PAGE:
כל תלתין יומין בין א"ל מחמת הלולא ובין לא א"ל מחמת הלולא אסור מכאן ואילך אי א"ל מחמת הלולא אסור ואי לא אמר ליה מחמת הלולא שרי during all the thirty days that follow the wedding celebration, if the gentile invites a Jew to a feast, whether he said to the Jew that the feast is due to the wedding celebration or whether he did not say to him that the feast is due to the wedding celebration, it is prohibited to attend, as it is assumed the festivity is part of the wedding celebration. From this point forward, if he said to him that the feast is due to the wedding celebration, it is prohibited to participate, but if he did not say to him that the feast is due to the wedding celebration, it is permitted to do so.
וכי א"ל מחמת הלולא עד אימת אמר רב פפא עד תריסר ירחי שתא ומעיקרא מאימת אסור אמר רב פפא משמיה דרבא מכי רמו שערי באסינתי The Gemara asks: And in a case where he said to him that the feast is due to the wedding celebration, until when is the feast assumed to be connected to idol worship? Rav Pappa said: Until twelve months of the year have passed since the wedding. The Gemara asks: And initially, before the wedding, from when is it prohibited? Rav Pappa said in the name of Rava: From the time when they cast barley into the mortars [ba’asintei] to prepare beer for the wedding.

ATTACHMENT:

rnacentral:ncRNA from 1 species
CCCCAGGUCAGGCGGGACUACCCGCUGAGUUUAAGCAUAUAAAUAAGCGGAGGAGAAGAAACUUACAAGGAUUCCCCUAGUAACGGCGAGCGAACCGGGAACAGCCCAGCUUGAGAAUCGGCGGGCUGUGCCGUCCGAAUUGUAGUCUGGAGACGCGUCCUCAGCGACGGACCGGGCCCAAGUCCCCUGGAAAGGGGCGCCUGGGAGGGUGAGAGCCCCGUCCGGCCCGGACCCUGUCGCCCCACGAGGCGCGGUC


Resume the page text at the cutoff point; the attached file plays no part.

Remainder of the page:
ולבתר תריסר ירחי שתא שרי והא רב יצחק בריה דרב משרשיא איקלע לבי ההוא עובד כוכבים לבתר תריסר ירחי שתא ושמעיה דאודי ופירש ולא אכל שאני רב יצחק בריה דרב משרשיא דאדם חשוב הוא: The Gemara asks: And after the twelve months of the year have passed since the wedding, is it always permitted to participate in a feast? But Rav Yitzḥak, son of Rav Mesharshiyya, happened to come to the house of a certain gentile after twelve months of the year had passed since his son’s wedding, and he heard the gentile giving thanks to his idol for the marriage of his son, and he withdrew from the feast and did not eat there. The Gemara answers: Rav Yitzḥak, son of Rav Mesharshiyya, is different, as he is an important person and therefore his presence caused the gentile to rejoice.